Well, the Health Care Reform bill has passed and as with most entitlement programs our legislature has deemed necessary to force down our throats I guess we are stuck with it. As the father of our Constitution, James Madison so eloquently stated, “I cannot undertake to lay my finger on that article of the Constitution which granted a right to Congress of expending, on objects of benevolence, the money of their constituents.” However, here we are again with another entitlement passed into law.
The commonly heard excuse given by congressmen when asked under what Constitutional authority they think they have to promote this health care takeover is; “general welfare.” The Father of our Constitution, who was most responsible for the words within it said otherwise. Madison stated, “With respect to the two words ‘general welfare,’ I have always regarded them as qualified by the detail of powers connected with them. To take them in a literal and unlimited sense would be a metamorphosis of the Constitution into a character which there is a host of proofs was not contemplated by its creators.”
According to Madison in Federalist # 41 , the statement of the power to tax and spend ( Constitution Article 1, section 8 ) serves as a general statement in regards to the manners in which that general power is to be exercised and explicitly enumerated thereafter. In other words, “general welfare” is nothing more than a descriptive introduction to the *specific* enumerated powers that follow in the rest of Article 1, Section 8 and not a specific enumerated power.
For example, if the portion of the clause “to provide for the common defense” was indeed a standalone power, why would the founders then explicitly list a power “To raise and support armies”? It would be redundant. Does providing for the “common defense” exclude the raising and supporting of armies? Absolutely not. Therefore the only reasonable construction is that the power to raise and support armies is the explicit enumeration of the manner in which the general power to provide for the common defense is to be carried into effect.
We can then deal with the “General Welfare” portion of the clause in a similar manner. An example of the manner in which the General Welfare is to be promoted can be demonstrated by the power “To establish post offices and post roads”. Again, any alternative construction renders the enumerated power redundant.
Lastly, the founders were very precise in their wording. They used the words “person” or “citizen” when speaking of individuals and the phrase “United States” or the word “union” when referring to the federation of states. The general power to tax and spend in Article I, Section 8 clearly states that the powers are directed at the “United States” not “persons” or “citizens” therefore the power applies only to objects which will promote the solidarity and prosperity of the union of states, not its citizens.
But like I said, we are stuck with this legislation. Regardless of whether or not we agree with the legislation or if we believe the bill is unconstitutional the fact remains Congress has passed Health Care Reform. It will add $2.6 trillion in new spending and implements a government takeover of 1/6 of the American economy.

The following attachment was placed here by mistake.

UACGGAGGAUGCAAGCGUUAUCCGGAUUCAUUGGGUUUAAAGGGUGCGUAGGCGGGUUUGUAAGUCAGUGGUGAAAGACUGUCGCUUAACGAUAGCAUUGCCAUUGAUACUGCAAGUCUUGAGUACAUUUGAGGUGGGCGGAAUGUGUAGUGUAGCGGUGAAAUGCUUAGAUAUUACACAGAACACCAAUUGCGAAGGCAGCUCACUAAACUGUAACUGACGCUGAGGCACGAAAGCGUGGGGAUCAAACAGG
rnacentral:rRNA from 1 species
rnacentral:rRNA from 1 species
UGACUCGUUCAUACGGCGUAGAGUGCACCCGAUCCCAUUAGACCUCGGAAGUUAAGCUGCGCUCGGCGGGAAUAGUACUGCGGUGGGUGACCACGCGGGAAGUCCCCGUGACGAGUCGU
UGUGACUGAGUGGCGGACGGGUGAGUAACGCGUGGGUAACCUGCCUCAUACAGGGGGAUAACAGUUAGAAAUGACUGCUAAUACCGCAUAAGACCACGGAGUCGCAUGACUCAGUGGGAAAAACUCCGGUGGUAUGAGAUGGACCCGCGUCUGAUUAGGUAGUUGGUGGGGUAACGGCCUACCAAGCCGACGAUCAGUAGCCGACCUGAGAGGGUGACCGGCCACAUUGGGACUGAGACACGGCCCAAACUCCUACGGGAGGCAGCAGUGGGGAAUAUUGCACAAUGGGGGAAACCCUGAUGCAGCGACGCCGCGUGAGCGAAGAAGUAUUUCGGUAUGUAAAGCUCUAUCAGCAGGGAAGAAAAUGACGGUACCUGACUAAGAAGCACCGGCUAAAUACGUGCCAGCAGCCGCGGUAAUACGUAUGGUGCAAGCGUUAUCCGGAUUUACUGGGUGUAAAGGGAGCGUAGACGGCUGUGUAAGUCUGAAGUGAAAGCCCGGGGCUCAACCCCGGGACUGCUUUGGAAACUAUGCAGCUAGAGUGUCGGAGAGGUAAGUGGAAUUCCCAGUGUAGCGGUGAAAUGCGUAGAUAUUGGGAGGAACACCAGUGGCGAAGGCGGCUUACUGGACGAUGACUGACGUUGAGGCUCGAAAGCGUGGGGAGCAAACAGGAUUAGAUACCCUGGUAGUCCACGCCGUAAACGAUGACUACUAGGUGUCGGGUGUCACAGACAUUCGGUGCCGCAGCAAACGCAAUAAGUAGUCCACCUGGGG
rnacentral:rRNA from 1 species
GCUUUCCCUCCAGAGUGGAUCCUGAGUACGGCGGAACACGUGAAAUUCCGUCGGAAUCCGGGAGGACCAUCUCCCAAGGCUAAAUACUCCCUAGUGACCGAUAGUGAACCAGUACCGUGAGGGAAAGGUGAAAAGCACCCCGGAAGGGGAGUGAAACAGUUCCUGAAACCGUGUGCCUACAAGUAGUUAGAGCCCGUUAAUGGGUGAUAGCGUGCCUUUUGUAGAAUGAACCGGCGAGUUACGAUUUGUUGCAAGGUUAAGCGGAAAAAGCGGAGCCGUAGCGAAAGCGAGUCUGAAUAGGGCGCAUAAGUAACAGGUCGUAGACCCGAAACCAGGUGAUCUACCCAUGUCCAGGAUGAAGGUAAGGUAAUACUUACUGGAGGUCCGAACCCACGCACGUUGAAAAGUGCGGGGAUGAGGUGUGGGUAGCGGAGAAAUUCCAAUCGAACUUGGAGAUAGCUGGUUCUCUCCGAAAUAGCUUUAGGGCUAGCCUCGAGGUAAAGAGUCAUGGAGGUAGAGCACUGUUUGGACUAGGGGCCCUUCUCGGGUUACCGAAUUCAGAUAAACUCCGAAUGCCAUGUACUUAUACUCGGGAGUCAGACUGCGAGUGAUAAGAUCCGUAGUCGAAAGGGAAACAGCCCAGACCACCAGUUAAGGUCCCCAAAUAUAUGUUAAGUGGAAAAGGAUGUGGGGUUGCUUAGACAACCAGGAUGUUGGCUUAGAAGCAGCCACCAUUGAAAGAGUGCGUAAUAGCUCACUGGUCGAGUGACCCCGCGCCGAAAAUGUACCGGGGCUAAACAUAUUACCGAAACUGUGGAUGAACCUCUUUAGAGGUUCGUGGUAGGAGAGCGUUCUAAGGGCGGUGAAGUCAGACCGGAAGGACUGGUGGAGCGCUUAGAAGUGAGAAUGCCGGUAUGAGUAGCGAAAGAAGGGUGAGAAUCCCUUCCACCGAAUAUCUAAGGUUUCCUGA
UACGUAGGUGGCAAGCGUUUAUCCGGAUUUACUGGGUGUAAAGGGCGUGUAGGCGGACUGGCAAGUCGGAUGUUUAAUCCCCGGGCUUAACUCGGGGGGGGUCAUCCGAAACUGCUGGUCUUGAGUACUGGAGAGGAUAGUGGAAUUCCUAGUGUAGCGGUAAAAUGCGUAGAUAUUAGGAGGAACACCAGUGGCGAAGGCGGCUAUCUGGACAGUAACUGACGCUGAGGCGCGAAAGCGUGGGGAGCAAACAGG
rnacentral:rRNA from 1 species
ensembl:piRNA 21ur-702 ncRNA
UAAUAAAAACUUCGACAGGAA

Tonight, Democrats in the House passed sweeping legislation that will fundamentally alter the nature of our nation by implementing a government takeover of health care that Americans don’t want and can’t afford. The Democratic health care plan passed 219-212. I stood with all the House Republicans and a good number of Democrats in voting against this bill.
This vote creates an expensive new entitlement that implements a government takeover of 1/6 of the American economy. This law will raise taxes on all Americans, it will kill jobs in a lagging economy, it will put mandates on Americans and on businesses, it will put government in between doctors and their patients, it will raise the premiums of people who currently have insurance.
The Democratic health care bill will add $2.6 trillion in new spending. There’s no free lunch. We’ll either tax ourselves to the point we’re not competitive internationally or we’ll simply add on more and more debt. Regardless, the bottom line is we cannot afford this new entitlement.
We have bills that as a nation we can’t pay as it is. Now we’re adding on more stress to an overburdened system. Our debt obligations threaten to put our economy in critical care, and we’re crippling the ability of innovative Americans to create new jobs.
There’s no doubt that there are many Americans facing tragic situations because they lack health insurance. Many more are under insured and millions live in fear of losing their coverage. By opposing this legislation, we are not belittling or ignoring the real crisis in our nation’s health care system. Republicans have put forth responsible reforms that have fallen on deaf ears with this Democratic Congress and administration. No matter how great our desire to cover each and every American who lacks coverage, we do not serve the greater good if our actions bankrupt our nation.